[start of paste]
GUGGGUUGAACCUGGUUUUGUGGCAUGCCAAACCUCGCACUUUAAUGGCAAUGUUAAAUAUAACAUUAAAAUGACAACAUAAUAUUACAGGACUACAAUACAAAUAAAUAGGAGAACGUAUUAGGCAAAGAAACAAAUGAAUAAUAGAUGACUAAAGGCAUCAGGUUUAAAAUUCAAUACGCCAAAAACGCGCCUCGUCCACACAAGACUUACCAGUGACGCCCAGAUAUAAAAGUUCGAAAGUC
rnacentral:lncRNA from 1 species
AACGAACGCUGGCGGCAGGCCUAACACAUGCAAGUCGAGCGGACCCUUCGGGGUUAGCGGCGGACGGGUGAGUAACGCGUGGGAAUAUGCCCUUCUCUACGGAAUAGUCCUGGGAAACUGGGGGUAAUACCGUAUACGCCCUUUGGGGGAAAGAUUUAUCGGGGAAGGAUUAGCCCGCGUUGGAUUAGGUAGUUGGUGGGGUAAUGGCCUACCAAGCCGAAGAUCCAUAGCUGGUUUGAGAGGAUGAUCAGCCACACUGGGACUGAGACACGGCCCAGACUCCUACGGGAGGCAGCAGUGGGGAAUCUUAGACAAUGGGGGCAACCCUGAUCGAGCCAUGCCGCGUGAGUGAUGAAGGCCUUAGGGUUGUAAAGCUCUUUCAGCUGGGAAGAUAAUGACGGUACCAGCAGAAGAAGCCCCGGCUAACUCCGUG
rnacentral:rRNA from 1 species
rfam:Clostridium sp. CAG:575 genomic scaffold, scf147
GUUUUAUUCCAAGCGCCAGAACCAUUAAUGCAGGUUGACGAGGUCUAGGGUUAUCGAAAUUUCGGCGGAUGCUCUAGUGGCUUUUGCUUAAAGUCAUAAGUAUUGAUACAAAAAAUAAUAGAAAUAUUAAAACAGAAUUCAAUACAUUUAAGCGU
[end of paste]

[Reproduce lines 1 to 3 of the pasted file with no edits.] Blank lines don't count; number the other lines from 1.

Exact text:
GUGGGUUGAACCUGGUUUUGUGGCAUGCCAAACCUCGCACUUUAAUGGCAAUGUUAAAUAUAACAUUAAAAUGACAACAUAAUAUUACAGGACUACAAUACAAAUAAAUAGGAGAACGUAUUAGGCAAAGAAACAAAUGAAUAAUAGAUGACUAAAGGCAUCAGGUUUAAAAUUCAAUACGCCAAAAACGCGCCUCGUCCACACAAGACUUACCAGUGACGCCCAGAUAUAAAAGUUCGAAAGUC
rnacentral:lncRNA from 1 species
AACGAACGCUGGCGGCAGGCCUAACACAUGCAAGUCGAGCGGACCCUUCGGGGUUAGCGGCGGACGGGUGAGUAACGCGUGGGAAUAUGCCCUUCUCUACGGAAUAGUCCUGGGAAACUGGGGGUAAUACCGUAUACGCCCUUUGGGGGAAAGAUUUAUCGGGGAAGGAUUAGCCCGCGUUGGAUUAGGUAGUUGGUGGGGUAAUGGCCUACCAAGCCGAAGAUCCAUAGCUGGUUUGAGAGGAUGAUCAGCCACACUGGGACUGAGACACGGCCCAGACUCCUACGGGAGGCAGCAGUGGGGAAUCUUAGACAAUGGGGGCAACCCUGAUCGAGCCAUGCCGCGUGAGUGAUGAAGGCCUUAGGGUUGUAAAGCUCUUUCAGCUGGGAAGAUAAUGACGGUACCAGCAGAAGAAGCCCCGGCUAACUCCGUG